District salaries have fallen dramatically behind neighboring school districts in recent years, officials said. Indian River’s starting teacher salaries currently rank eighth out of the nine Sussex County school districts.

The lack of a competitive salary scale has made it difficult for the district to recruit and retain qualified staff, they noted. “A salary increase is necessary to attract qualified candidates for all employee groups. It will also allow the district to continue providing top-quality instruction to its students.”

The property tax increase needed to fund this initiative is 4.71 cents per $100 of assessed value in year one and an additional 4.92 cents in year two.

• Question 3 – Full-Day Kindergarten:

The third question will seek funding for the implementation of full-day kindergarten, which has been mandated by the State of Delaware.

To date, Indian River is one of the last districts in Delaware not to have full-day kindergarten programs in all of its elementary schools. The district has applied for a waiver from the mandate for the 2008-2009 school year.

The implementation of full-day kindergarten will require the district to hire additional classroom teachers and purchase additional instructional supplies. A tax increase of 2.58 cents per $100 of assessed value is needed to raise the district’s $326,746 share of this initiative.

The benefits of full-day kindergarten include more time for quality instruction in the core subject areas of reading, math and writing; increased individual and small group interaction; additional screening and assessment opportunities to address individual student needs and greater continuity of day-to-day activities. The program will also help children bridge the gap between home and first grade and prepare them to read on grade level by the end of third grade.

The law mandating full-day kindergarten was based on a 2005 University of Delaware study that found students in full-day programs to have stronger literacy skills than those in part-day programs.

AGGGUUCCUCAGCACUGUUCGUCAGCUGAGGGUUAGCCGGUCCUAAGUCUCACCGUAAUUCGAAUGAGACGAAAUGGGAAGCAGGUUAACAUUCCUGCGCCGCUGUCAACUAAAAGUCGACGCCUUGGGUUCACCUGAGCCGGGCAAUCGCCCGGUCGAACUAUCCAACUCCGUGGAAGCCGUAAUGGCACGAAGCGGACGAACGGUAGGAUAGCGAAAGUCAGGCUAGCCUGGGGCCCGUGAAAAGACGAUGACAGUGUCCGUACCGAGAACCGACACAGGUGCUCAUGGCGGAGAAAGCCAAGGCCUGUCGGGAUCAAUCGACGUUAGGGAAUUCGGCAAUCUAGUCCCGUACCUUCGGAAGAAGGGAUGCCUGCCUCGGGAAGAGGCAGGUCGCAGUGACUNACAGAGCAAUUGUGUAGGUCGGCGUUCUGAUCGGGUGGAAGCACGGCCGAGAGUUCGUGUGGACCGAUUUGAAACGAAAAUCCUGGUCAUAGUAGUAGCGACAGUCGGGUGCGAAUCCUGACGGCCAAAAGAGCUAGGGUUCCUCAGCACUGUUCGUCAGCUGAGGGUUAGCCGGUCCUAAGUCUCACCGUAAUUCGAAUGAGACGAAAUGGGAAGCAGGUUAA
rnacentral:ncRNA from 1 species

The study also concluded that full-day students achieved most academic performance standards more often than part-day students. In addition, the full-day option was preferred by 98 percent of parents with children in full-day programs and 72 percent of parents with children in part-day programs. Teachers also believe that full-day kindergarten better prepares children for first grade, officials said.

The referendum’s total proposed property tax increase of 34.63 cents per $100 of assessed value will be phased in over a two-year period. Rates will increase by 29.71 cents in year one and by an additional 4.92 cents in year two. The average district property owner can expect a tax increase of $74.19 in year one and an additional $12.29 in year two.

Indian River School District residents who are U.S. citizens at least 18 years of age are eligible to vote in the referendum. Voter registration is not required but residents must provide proof of identification at each polling place.

Absentee ballots are available by mail until May 16 and in person until noon on May 21. Affidavits are available at all district schools. For more information, contact the Department of Elections at (302) 856-5367.

Residents who would like additional information about the current expense initiatives should contact the district’s Referendum Hotline at (302) 436-1079.